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Wax


DATA No : WWA1201 INFORMANT : Ken-ichi Tomita

NAME : Carnauba wax

COMMON NAME: Carnauba wax(Ref. 0007) / (Ref. 0024) / (Ref. 0025) / (Ref. 0030) / (Ref. 0032) / (Ref. 0033) / (Ref. 0034) / (Ref. 0035)
SYMBOL:
FORMULA: Mixture MOL.WT (average) :
BIOLOGICAL ACTIVITY
Uses, Carnauba wax is used in lipsticks to raise temperature resistance and give luster and in small amounts in products requiring firmness such as creams, depilatory waxes and deodorant sticks. It is also used in ointment bases, as a lustering agent for tablets and in floor polish.
PHYSICAL AND CHEMICAL PROPERTIES
MELTING POINT:Melting point 80-86degC (Ref. 0007) (Method 2) (Ref. 0001)

BOILING POINT:Iodine value 5-14 (Ref. 0007) Use 30ml of carbon tetrachloride (Ref. 0005)

REFRACTIVE INDEX:Acid Value Not more than 10 (Ref. 0007) Use 30ml of xylene and 50ml of ethanol as solvent,and titrate while warm. (Method 1. 3g) (Ref. 0003)

OPTICAL ROTATION:Saponification Value 78-95 (Ref. 0007) Add 0.5N potassium hydroxide-ethanol,then add 20ml of benzene. (Ref. 0004)

DENSITY:

SOLUBILITY:Properties
Carnauba wax is typical of the hard waxes that have the highest melting points among waxes of plant origin. It is soluble in chloroform,ether and petroleum benzene when hot but sparingly soluble when it is cold. It is sparingly soluble in hot ethanol and practically insoluble in water. Observed infrared absorption is as follows 1730: uc=o, 1605: uc=c, 1460: ucH, -1175: uc-o of ester, 730 and 720: dcH of -(CH2)n- (Ref. 0007)
SPECTRAL DATA
UV SPECTRA:

IR SPECTRA:IR Spectrum
[Spectrum 0006] (Ishiwata Katsumi Shiseido Research Center 1997 )
Infrared absorption spectrum measurement operation conditions, Equipment: Fourier transform infrared spectrophotometer FTS-40 (Biorad Co., Ltd.), Resolution: 8 cm-1, Integration factor: 64, Wave number range: 400cm-1-4000cm-1 , Sample treatment: Potassium bromide tablets or liquid film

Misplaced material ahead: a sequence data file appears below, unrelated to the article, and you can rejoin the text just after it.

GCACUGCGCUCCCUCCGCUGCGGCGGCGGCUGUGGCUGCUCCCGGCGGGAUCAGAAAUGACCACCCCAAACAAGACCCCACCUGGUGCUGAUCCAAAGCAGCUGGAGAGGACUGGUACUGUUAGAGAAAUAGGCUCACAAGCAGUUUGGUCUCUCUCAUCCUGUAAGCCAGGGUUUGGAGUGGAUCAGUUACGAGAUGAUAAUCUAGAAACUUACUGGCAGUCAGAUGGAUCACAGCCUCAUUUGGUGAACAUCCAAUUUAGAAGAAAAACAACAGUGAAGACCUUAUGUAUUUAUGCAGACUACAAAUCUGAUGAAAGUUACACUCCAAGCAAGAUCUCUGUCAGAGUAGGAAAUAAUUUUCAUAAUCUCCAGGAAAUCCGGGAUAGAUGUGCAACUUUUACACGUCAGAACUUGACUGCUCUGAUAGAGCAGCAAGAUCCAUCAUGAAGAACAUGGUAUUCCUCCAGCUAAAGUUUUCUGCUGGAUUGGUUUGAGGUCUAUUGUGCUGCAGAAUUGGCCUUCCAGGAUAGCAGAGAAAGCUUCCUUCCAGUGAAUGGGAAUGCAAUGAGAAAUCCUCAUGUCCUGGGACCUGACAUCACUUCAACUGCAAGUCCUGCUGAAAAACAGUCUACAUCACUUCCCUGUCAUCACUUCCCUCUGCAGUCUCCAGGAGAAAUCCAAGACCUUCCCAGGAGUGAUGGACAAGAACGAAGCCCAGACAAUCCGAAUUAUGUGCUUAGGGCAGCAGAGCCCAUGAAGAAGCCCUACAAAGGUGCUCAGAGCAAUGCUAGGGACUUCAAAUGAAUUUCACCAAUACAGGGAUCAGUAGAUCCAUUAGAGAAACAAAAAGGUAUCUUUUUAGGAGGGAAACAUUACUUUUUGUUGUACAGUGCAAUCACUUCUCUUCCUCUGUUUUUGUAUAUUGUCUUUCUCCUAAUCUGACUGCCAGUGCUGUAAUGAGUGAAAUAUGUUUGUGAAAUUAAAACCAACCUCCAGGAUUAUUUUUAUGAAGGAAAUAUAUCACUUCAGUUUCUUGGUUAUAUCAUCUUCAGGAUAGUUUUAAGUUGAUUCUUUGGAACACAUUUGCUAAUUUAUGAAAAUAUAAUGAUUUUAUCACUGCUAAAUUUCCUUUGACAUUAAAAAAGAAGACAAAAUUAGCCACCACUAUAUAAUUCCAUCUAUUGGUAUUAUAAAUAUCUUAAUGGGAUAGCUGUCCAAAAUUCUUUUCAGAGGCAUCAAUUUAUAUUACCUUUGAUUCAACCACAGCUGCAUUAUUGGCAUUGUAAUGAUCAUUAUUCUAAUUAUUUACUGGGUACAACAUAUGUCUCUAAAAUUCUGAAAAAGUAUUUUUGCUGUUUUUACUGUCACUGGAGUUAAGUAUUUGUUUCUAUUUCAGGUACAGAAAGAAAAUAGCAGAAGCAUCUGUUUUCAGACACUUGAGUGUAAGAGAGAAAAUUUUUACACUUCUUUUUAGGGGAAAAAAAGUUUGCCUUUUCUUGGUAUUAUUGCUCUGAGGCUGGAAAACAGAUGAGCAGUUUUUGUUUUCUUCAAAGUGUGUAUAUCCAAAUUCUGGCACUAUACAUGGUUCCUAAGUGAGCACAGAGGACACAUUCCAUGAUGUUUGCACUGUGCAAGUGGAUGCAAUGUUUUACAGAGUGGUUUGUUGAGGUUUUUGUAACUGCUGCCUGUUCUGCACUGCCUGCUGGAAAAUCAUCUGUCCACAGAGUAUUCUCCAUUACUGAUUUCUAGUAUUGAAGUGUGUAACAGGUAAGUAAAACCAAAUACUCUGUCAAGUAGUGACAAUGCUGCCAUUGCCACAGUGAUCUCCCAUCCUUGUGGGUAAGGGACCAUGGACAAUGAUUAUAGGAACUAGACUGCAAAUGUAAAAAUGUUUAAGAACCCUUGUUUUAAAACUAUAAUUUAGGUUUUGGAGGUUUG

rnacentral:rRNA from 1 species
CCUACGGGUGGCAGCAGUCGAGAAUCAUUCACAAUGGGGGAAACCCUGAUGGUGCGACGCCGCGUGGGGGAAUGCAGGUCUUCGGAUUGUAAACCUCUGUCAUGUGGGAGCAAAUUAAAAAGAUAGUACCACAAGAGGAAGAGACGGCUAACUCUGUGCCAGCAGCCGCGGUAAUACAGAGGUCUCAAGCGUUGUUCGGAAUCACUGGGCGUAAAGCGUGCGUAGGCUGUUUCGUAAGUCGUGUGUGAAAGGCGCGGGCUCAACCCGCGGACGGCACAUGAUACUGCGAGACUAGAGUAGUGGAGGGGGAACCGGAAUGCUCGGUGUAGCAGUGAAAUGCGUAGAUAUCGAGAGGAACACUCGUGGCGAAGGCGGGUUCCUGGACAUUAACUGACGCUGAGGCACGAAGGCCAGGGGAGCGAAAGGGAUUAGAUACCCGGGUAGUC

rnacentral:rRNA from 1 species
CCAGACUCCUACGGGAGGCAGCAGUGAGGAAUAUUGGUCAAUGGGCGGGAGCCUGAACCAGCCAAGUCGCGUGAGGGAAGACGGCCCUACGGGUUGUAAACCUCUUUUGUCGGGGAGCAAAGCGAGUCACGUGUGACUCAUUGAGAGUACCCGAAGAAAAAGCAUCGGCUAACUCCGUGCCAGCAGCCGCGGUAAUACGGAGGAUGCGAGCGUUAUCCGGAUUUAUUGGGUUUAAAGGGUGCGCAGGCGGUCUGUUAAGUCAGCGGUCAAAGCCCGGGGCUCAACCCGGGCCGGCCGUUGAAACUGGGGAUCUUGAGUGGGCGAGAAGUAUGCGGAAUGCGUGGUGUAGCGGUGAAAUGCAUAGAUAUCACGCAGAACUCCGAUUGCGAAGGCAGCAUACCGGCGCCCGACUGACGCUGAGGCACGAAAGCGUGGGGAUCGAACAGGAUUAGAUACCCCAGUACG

NMR SPECTRA:12C-NMR Spectrum
[Spectrum 0007] (Nishiya Hiroshi Shiseido Research Center 1993 )
12C-nuclear magnetic resonance spectrometry operation conditions, Equipment: JEOL-EX400 (Japan Electronics Co., Ltd. ), Standard substance: Tetramethylsilane (0.00 ppm ), Irradiation mode: 1 H full irradiation, Measurement temperature: 40degC, Deuterium solvent: Deuterium chloroform

MASS SPECTRA:GC/MS Spectrum
[Spectra 0008/0009/0010] (Kanda Kenji Shiseido Research Center 1995 )
Gas chromatograph- mass spectrometry operation conditions, Equipment: Gas chromatograph 5980 (Hewlett Packard ), Mass spectrometer: 5970 (Hewlett Packard )Column: ULTRA ALLOY plus-1 ( HT ) ( Frontier Laboratories Ltd. ), Internal diameter: 0.25 mm, gas chromatograph capillary column joined to a 15 m long metal tube to produce a 0.15 mm thick film of dimethyl silicone as the liquid phase. Column temperature: maintain at 40degC for 3.5 minutes, then raise to 200degC at a rate of 10degC per minute, and then at 20degC per minute up to 350 degC. Maintain at this temperature for 20 minutes and then raise to 400 degC at a rate of 50 degC per minute.
Injection temperature: 320degC , Carrier gas: He, Mass range: 40-800, Split ratio: 1: 40, Sample treatment: add 100 ml N,O-Bis (trimethylsilyl) acetamide to test sample( around 5mg ) and heat at 100degC for 10 minutes, cool and make up to 1.5ml with n-hexane.

OTHER SPECTRA:
CHROMATOGRAM DATA
Gas chromatography
[Chromatograms 0003/0004] (Nakahara Kazuyoshi Shiseido Research Center 1997 )